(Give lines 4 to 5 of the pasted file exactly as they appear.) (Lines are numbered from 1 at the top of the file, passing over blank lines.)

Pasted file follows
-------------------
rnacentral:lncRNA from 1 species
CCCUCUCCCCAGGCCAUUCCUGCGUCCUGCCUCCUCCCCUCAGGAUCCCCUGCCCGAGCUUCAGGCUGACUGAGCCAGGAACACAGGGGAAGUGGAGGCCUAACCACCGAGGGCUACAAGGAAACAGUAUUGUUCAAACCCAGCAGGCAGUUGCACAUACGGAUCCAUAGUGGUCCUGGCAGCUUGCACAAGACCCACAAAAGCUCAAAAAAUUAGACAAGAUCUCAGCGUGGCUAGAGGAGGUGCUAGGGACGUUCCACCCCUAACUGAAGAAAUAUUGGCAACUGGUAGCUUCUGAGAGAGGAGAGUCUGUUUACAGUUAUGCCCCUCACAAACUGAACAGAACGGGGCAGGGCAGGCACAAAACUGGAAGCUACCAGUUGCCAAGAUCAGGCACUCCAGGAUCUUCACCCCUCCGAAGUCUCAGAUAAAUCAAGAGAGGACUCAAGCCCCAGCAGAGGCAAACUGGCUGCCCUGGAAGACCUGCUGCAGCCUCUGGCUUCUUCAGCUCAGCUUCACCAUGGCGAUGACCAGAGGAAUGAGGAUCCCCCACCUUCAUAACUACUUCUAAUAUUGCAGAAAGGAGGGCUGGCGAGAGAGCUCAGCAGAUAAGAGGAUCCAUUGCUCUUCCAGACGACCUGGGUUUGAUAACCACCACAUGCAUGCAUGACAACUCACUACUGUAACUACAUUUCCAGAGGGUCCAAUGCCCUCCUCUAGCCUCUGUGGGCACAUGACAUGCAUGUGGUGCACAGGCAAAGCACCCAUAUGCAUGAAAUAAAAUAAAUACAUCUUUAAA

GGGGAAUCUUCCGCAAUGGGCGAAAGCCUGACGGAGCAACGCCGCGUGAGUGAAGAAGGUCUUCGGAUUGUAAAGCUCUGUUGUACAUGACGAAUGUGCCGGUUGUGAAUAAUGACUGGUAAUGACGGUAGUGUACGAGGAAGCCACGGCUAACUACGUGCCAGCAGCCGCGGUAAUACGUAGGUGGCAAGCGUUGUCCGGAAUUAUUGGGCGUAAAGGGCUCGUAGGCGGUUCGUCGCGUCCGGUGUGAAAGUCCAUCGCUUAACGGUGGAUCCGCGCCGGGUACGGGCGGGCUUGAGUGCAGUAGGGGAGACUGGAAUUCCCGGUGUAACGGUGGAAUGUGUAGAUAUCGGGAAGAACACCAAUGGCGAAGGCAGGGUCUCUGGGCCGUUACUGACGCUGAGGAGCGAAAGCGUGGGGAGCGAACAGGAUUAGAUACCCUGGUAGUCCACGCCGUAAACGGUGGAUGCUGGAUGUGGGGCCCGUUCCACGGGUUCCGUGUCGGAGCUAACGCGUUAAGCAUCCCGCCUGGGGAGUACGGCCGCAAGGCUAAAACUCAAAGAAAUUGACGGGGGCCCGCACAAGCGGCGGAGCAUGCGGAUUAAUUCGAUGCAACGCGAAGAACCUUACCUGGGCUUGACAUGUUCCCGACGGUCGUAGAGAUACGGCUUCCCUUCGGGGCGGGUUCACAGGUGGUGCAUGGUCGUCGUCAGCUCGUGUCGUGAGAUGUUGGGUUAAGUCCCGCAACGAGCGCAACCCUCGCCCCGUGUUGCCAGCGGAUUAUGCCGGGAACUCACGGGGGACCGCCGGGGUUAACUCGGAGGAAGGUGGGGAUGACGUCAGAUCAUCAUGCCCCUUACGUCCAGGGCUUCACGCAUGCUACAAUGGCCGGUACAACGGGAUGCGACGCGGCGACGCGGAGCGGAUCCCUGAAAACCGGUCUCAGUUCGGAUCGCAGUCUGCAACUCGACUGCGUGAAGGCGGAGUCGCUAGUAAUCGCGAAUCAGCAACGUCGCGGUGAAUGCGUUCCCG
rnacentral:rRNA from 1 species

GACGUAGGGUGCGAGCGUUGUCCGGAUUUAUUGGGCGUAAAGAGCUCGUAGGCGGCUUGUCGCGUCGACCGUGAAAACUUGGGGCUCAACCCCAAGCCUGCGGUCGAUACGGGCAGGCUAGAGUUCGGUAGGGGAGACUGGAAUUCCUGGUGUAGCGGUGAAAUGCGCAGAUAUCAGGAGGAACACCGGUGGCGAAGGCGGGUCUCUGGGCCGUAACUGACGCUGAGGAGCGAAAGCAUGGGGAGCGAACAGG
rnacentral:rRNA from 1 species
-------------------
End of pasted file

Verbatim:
rnacentral:rRNA from 1 species

GACGUAGGGUGCGAGCGUUGUCCGGAUUUAUUGGGCGUAAAGAGCUCGUAGGCGGCUUGUCGCGUCGACCGUGAAAACUUGGGGCUCAACCCCAAGCCUGCGGUCGAUACGGGCAGGCUAGAGUUCGGUAGGGGAGACUGGAAUUCCUGGUGUAGCGGUGAAAUGCGCAGAUAUCAGGAGGAACACCGGUGGCGAAGGCGGGUCUCUGGGCCGUAACUGACGCUGAGGAGCGAAAGCAUGGGGAGCGAACAGG